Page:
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This question has been answered, and points have been awarded.
Car Part Company New Loyalty Card Name And Tagline
Posted by Anonymous on
1/2/2013 at 6:58 AM ET
Hi! I own a company selling car parts to the trade and public, much like a Screwfix business for the automotive trade.
I'm looking to launch a loyalty card for the retail customers, many often carry out jobs for their friends. We're looking to keep them returning through use of a loyalty card. There are a number of benefits but the key points are 5% off every order, exclusive offers and competitions.
I need some help with the name of the loyalty card scheme and a tag line.
1/2/2013 at 7:44 AM
we don't have much to go on here. If you are looking to the Screwfix approach, you need to call someone in because this will have a major impact on your business. I am sure that if you look in the directory you will find someone in your locality.
My point is that Screwfix are a big brand and spend very large sums on advertising. That they don't have to is neither here nor there. That is the way they do things, and if this is the way you want to do things, then expect bills equally large. You are in a market that is already saturated - I speak as one who used to trot down to Screwfix in an emergency and to my local parts dealer if my ex was burrowing beneath the transit. There was no shortage of alternatives.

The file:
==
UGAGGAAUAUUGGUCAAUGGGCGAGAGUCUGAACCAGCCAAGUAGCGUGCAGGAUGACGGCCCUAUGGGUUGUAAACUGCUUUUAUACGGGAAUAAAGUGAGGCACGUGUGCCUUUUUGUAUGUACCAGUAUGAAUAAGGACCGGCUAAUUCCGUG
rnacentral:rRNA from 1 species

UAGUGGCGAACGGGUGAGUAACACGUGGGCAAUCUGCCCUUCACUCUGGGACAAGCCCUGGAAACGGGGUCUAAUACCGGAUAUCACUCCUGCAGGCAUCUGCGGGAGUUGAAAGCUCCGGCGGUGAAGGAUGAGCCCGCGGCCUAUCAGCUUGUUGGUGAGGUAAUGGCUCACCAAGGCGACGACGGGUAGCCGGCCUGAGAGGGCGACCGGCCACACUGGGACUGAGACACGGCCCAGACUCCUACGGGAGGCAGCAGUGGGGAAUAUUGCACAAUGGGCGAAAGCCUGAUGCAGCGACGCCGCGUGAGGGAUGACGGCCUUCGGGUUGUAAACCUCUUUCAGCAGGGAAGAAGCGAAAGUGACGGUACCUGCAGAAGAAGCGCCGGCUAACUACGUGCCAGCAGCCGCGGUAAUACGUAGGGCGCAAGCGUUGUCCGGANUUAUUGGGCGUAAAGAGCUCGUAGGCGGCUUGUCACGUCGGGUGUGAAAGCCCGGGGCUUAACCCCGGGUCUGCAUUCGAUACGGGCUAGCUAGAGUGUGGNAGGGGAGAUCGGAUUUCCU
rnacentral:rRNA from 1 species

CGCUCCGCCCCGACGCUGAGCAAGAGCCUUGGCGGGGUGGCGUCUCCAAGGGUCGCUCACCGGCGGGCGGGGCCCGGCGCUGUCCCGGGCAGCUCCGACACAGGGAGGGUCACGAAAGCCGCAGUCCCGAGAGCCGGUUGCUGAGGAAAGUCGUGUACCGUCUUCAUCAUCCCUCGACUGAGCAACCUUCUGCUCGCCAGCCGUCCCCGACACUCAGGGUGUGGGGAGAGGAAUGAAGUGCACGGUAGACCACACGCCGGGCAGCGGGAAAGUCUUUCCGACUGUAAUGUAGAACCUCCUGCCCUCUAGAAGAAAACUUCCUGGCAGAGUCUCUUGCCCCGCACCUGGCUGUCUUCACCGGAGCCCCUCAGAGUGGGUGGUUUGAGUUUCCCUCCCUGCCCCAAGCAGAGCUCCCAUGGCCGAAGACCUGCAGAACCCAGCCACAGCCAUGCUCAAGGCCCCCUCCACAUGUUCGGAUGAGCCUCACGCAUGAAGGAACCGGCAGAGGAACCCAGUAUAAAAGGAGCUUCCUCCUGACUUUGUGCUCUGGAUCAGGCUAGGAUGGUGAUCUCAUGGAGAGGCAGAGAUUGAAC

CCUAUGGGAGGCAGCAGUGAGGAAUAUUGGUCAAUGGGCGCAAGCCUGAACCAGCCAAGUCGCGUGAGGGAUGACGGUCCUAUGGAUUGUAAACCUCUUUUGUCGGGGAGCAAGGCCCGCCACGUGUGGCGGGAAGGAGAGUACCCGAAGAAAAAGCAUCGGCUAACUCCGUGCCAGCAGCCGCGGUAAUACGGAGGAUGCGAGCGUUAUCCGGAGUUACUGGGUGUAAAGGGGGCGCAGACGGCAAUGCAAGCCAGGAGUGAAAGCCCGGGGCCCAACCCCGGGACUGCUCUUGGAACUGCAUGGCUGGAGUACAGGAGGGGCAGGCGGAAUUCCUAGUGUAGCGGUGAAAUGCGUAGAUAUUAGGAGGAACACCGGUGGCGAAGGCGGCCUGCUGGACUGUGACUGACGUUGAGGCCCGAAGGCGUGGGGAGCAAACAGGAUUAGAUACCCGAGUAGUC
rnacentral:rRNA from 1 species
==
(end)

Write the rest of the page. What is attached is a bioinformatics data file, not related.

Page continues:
Oh, and you can keep them returning with more than just a loyalty card. Because my experience of Screwfix is of waiting in long queues and having long waits as parts were found and lost. I presume you have a delivery arm, do you have an "emergency delivery arm" (= 1 or 1/2 hr service at a super premium price?). In an absolute emergency this could be a lifesaver for a tradesman facing a deadline* - and you could even do it using a taxi! (The pricing would allow for that).
Now: If you are going to get canny, you need to speak to your customer's existing frustrations (see above) and address these. Because once that has been sorted, a loyalty card is then a must for them because of the service they love. Put this way around and the minimal difference of 5% becomes a bonus rather than a stimulus.
You say you already own the business. What are your customers already saying about it? Take a look at my response to Nicol here
(Posted by Moriarty on 1/1/2013 at 5:04 PM) Because with this sort of information we can aim for the heart.
To your success,
*Guess why muggins here was trotting down to Screwfix!
PS for those of you outside Europe, this is the Wikipedia article on Screwfix
1/2/2013 at 8:33 AM
Thanks for the great response Moriarty. I'll flesh out my original post.
We treat retail customers and trade very differently, we've had clashes in the past where large trade customers have been upset over something quite minor which turned into something major when they stopped purchasing from us. This has always put other staff members off from targeting retail customers, but having leant from our mistakes, I think it's worth another go.
We already have several levels of pricing for the trade, much more than a 5% discount. They also already get free delivery on targets within 120 minutes, if not better.
Within our retail customers there are two sub categories so-to-speak, you have those who do not know anything about cars other than recognising there is something wrong, wiper blades need changing, bulbs need replacing etc. For example, customers of Halfords. The second group are the DIYers and those who repair their own vehicles as well as friends and families. It is second group we're looking to target.